A good password will need to be at least eight characters long and contain some number or symbols.

For example, your formula could be your first name, then the first two letters of the name of the service you are using, a semicolon and the number 23. So if the person at CompuServe learns your password is jimco;23, it is very unlikely to make the leap to figure out that Bank of Oklahoma's is jimba;23 and Sears online is jimse;23.

In conclusion, let me stress that you do not need to lie awake at nights worrying about these security issues. The odds are in your favor. Someone trying to crack into your computer over the Internet is looking for a tiny needle in an unbelievably huge haystack. Just take a few precautions as we have outlined here and you will know that you have done more to insure that your client's data, as well as your own, is protected.

Endnotes

  1. Defining ports is not that easy. The High Tech Dictionary at http://www.computeruser.com/resources/dictionary/dictionary.html defines it this way: Port 1. A socket at the back of a computer used to plug in external devices such as a modem, mouse, scanner, or printer. (2) In a communications network, a logical channel identified by its unique port number. (3) (Omitted)  <back to text>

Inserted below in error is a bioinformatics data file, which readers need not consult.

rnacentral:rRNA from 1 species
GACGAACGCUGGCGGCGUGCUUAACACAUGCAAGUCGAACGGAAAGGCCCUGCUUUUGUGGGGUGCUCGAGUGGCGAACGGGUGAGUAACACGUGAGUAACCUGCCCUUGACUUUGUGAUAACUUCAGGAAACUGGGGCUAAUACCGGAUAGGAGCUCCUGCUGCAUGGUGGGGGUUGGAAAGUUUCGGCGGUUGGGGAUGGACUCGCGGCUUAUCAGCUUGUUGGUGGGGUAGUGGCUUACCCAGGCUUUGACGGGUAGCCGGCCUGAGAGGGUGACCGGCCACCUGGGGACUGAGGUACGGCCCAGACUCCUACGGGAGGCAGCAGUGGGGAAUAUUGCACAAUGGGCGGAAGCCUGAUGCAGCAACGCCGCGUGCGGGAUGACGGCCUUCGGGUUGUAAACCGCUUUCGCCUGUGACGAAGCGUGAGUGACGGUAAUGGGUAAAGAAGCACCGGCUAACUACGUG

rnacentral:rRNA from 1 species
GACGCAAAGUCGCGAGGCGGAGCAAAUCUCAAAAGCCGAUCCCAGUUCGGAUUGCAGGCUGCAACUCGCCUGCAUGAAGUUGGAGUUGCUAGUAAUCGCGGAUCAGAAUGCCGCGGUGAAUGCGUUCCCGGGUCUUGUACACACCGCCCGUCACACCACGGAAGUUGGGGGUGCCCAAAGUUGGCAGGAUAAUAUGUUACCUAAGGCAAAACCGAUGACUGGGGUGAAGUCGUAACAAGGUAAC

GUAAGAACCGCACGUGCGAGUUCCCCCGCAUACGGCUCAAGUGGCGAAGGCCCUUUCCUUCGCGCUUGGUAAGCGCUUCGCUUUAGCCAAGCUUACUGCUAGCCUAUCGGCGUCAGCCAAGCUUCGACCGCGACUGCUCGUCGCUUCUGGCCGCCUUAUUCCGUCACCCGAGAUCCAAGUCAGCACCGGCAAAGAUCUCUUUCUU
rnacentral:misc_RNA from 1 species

2. What you don't have you home computers Networked yet? Get with it! In truth, depending on the size of your family, home networks are in most of our future. You can share an Internet connection at no extra chare. If you have teenagers, they have their own computer for attaching all joysticks and steering wheels. And, as you upgrade your office computer system you will find yourself with working, but virtually worthless, out of date computers. Taking them home for an extra Internet connection if you have space (and high bandwidth Internet access) is a useful project.  <back to text>
  3. http://www.computeruser.com/resources/dictionary/dictionary.html  <back to text>
  4. http://grc.com/zonealarm.htm  <back to text>
  5. Here "ports" refers to a physical plug-in as opposed to "ports" as used in Endnote 1. Are you confused yet?  <back to text>